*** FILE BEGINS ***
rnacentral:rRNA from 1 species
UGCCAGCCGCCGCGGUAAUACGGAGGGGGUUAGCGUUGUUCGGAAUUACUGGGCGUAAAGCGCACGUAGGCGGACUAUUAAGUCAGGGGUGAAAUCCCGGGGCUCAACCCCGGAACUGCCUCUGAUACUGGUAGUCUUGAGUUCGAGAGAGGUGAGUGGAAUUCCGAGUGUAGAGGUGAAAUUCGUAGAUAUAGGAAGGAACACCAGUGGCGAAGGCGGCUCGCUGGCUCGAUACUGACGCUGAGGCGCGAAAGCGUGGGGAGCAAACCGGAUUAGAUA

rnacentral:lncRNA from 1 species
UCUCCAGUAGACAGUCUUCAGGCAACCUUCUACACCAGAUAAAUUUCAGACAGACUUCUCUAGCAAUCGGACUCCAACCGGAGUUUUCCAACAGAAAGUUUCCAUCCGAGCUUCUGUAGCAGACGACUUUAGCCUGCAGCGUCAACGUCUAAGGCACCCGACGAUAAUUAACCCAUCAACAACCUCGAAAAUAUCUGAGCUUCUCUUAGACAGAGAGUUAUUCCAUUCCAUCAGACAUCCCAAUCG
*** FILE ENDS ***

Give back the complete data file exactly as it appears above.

rnacentral:rRNA from 1 species
UGCCAGCCGCCGCGGUAAUACGGAGGGGGUUAGCGUUGUUCGGAAUUACUGGGCGUAAAGCGCACGUAGGCGGACUAUUAAGUCAGGGGUGAAAUCCCGGGGCUCAACCCCGGAACUGCCUCUGAUACUGGUAGUCUUGAGUUCGAGAGAGGUGAGUGGAAUUCCGAGUGUAGAGGUGAAAUUCGUAGAUAUAGGAAGGAACACCAGUGGCGAAGGCGGCUCGCUGGCUCGAUACUGACGCUGAGGCGCGAAAGCGUGGGGAGCAAACCGGAUUAGAUA

rnacentral:lncRNA from 1 species
UCUCCAGUAGACAGUCUUCAGGCAACCUUCUACACCAGAUAAAUUUCAGACAGACUUCUCUAGCAAUCGGACUCCAACCGGAGUUUUCCAACAGAAAGUUUCCAUCCGAGCUUCUGUAGCAGACGACUUUAGCCUGCAGCGUCAACGUCUAAGGCACCCGACGAUAAUUAACCCAUCAACAACCUCGAAAAUAUCUGAGCUUCUCUUAGACAGAGAGUUAUUCCAUUCCAUCAGACAUCCCAAUCG